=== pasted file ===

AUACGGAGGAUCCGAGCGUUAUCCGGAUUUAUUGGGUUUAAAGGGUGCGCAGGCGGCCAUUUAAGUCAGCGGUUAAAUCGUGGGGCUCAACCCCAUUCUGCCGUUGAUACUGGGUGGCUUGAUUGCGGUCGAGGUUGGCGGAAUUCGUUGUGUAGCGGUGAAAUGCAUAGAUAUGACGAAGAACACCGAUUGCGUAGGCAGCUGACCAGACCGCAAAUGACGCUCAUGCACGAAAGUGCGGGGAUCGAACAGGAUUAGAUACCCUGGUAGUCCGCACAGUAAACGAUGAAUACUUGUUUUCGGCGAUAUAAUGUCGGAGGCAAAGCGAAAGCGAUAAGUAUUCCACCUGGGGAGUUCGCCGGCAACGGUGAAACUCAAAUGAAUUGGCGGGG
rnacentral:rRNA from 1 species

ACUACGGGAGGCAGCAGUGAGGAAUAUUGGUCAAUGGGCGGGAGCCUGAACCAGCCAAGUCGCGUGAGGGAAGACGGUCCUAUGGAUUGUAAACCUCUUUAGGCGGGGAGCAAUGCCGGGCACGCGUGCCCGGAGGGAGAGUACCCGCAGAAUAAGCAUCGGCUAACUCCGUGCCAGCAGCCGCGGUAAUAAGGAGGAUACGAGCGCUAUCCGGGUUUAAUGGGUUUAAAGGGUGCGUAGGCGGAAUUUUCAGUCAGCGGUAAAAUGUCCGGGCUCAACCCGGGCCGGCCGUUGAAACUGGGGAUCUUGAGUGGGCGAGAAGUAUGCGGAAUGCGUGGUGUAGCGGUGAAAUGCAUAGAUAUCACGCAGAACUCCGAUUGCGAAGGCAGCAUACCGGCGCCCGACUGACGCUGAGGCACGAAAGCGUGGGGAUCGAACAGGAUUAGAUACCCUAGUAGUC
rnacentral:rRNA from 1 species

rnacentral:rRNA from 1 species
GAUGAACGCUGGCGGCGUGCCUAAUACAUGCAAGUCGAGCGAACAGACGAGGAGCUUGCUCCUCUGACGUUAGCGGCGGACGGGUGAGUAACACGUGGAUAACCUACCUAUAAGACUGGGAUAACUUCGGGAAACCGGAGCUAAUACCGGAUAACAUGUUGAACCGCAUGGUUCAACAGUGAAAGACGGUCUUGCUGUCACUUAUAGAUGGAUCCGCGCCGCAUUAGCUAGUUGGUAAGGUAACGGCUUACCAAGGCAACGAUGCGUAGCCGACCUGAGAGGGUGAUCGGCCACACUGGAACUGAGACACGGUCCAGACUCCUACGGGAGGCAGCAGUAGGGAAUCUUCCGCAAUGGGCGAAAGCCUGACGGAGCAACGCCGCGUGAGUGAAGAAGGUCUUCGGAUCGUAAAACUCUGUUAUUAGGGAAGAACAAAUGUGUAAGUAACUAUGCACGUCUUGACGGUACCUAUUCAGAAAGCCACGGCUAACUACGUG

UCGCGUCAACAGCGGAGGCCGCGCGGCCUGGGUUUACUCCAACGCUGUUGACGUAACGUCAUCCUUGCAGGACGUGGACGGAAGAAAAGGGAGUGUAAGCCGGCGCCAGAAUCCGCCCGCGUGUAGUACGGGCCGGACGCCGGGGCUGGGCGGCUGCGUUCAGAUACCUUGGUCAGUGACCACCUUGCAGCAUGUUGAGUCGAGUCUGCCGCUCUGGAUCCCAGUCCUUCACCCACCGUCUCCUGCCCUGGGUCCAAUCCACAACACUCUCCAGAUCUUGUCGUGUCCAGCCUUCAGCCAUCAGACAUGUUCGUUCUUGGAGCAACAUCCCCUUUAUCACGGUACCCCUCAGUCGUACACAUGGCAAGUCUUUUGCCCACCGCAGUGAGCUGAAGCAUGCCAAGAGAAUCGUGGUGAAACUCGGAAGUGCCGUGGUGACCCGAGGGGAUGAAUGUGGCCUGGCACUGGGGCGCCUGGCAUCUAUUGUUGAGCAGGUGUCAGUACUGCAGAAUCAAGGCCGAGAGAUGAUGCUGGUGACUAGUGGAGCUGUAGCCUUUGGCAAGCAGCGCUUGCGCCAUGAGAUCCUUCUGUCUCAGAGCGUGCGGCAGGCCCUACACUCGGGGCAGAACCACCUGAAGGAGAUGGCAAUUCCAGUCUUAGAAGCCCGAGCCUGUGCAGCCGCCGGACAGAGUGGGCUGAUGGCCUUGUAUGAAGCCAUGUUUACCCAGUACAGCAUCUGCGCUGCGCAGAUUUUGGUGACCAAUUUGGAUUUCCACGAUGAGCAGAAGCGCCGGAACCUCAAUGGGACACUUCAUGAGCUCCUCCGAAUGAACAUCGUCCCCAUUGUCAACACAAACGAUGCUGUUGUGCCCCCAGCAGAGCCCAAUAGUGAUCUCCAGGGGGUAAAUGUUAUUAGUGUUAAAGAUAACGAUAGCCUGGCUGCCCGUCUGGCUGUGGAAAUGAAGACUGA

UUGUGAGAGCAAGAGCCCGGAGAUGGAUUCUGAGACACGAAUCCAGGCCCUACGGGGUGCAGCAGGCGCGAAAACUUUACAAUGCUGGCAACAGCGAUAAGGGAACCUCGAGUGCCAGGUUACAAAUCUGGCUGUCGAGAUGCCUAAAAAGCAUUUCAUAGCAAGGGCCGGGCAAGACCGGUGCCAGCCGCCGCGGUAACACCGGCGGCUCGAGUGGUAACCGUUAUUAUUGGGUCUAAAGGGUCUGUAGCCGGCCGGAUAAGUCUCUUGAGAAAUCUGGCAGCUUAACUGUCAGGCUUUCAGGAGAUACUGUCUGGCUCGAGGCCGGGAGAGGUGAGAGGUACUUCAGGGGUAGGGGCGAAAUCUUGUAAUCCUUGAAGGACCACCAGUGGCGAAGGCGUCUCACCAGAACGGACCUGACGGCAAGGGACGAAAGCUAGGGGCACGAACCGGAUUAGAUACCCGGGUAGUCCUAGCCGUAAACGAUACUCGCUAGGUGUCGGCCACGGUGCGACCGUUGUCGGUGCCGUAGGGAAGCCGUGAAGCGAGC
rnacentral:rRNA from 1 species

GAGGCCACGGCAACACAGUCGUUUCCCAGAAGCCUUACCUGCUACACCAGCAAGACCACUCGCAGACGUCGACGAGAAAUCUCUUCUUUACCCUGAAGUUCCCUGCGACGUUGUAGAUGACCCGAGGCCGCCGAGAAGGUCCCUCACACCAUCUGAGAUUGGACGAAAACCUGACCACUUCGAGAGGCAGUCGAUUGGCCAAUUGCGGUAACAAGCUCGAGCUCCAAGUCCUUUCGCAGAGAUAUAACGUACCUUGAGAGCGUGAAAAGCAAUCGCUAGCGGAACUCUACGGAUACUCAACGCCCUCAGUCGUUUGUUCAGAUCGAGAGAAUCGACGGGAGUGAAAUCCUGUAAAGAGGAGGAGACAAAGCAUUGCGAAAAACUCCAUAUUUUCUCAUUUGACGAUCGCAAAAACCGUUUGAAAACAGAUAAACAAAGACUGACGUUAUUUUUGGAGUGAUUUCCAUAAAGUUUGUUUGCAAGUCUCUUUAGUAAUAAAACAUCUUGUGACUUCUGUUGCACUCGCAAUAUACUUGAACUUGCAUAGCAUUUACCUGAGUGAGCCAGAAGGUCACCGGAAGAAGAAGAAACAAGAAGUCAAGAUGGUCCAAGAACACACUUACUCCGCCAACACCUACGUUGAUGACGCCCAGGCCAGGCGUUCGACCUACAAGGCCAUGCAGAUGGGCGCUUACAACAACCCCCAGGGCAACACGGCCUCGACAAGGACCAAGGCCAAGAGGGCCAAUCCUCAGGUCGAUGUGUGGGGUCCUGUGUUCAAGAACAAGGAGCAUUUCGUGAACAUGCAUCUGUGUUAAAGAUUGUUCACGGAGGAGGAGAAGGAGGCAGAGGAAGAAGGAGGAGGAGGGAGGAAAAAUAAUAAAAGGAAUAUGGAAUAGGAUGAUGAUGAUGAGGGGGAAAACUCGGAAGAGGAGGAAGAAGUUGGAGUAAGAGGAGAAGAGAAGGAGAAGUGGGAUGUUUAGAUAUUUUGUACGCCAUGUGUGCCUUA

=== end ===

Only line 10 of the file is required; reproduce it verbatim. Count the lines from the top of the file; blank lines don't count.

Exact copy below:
GAGGCCACGGCAACACAGUCGUUUCCCAGAAGCCUUACCUGCUACACCAGCAAGACCACUCGCAGACGUCGACGAGAAAUCUCUUCUUUACCCUGAAGUUCCCUGCGACGUUGUAGAUGACCCGAGGCCGCCGAGAAGGUCCCUCACACCAUCUGAGAUUGGACGAAAACCUGACCACUUCGAGAGGCAGUCGAUUGGCCAAUUGCGGUAACAAGCUCGAGCUCCAAGUCCUUUCGCAGAGAUAUAACGUACCUUGAGAGCGUGAAAAGCAAUCGCUAGCGGAACUCUACGGAUACUCAACGCCCUCAGUCGUUUGUUCAGAUCGAGAGAAUCGACGGGAGUGAAAUCCUGUAAAGAGGAGGAGACAAAGCAUUGCGAAAAACUCCAUAUUUUCUCAUUUGACGAUCGCAAAAACCGUUUGAAAACAGAUAAACAAAGACUGACGUUAUUUUUGGAGUGAUUUCCAUAAAGUUUGUUUGCAAGUCUCUUUAGUAAUAAAACAUCUUGUGACUUCUGUUGCACUCGCAAUAUACUUGAACUUGCAUAGCAUUUACCUGAGUGAGCCAGAAGGUCACCGGAAGAAGAAGAAACAAGAAGUCAAGAUGGUCCAAGAACACACUUACUCCGCCAACACCUACGUUGAUGACGCCCAGGCCAGGCGUUCGACCUACAAGGCCAUGCAGAUGGGCGCUUACAACAACCCCCAGGGCAACACGGCCUCGACAAGGACCAAGGCCAAGAGGGCCAAUCCUCAGGUCGAUGUGUGGGGUCCUGUGUUCAAGAACAAGGAGCAUUUCGUGAACAUGCAUCUGUGUUAAAGAUUGUUCACGGAGGAGGAGAAGGAGGCAGAGGAAGAAGGAGGAGGAGGGAGGAAAAAUAAUAAAAGGAAUAUGGAAUAGGAUGAUGAUGAUGAGGGGGAAAACUCGGAAGAGGAGGAAGAAGUUGGAGUAAGAGGAGAAGAGAAGGAGAAGUGGGAUGUUUAGAUAUUUUGUACGCCAUGUGUGCCUUA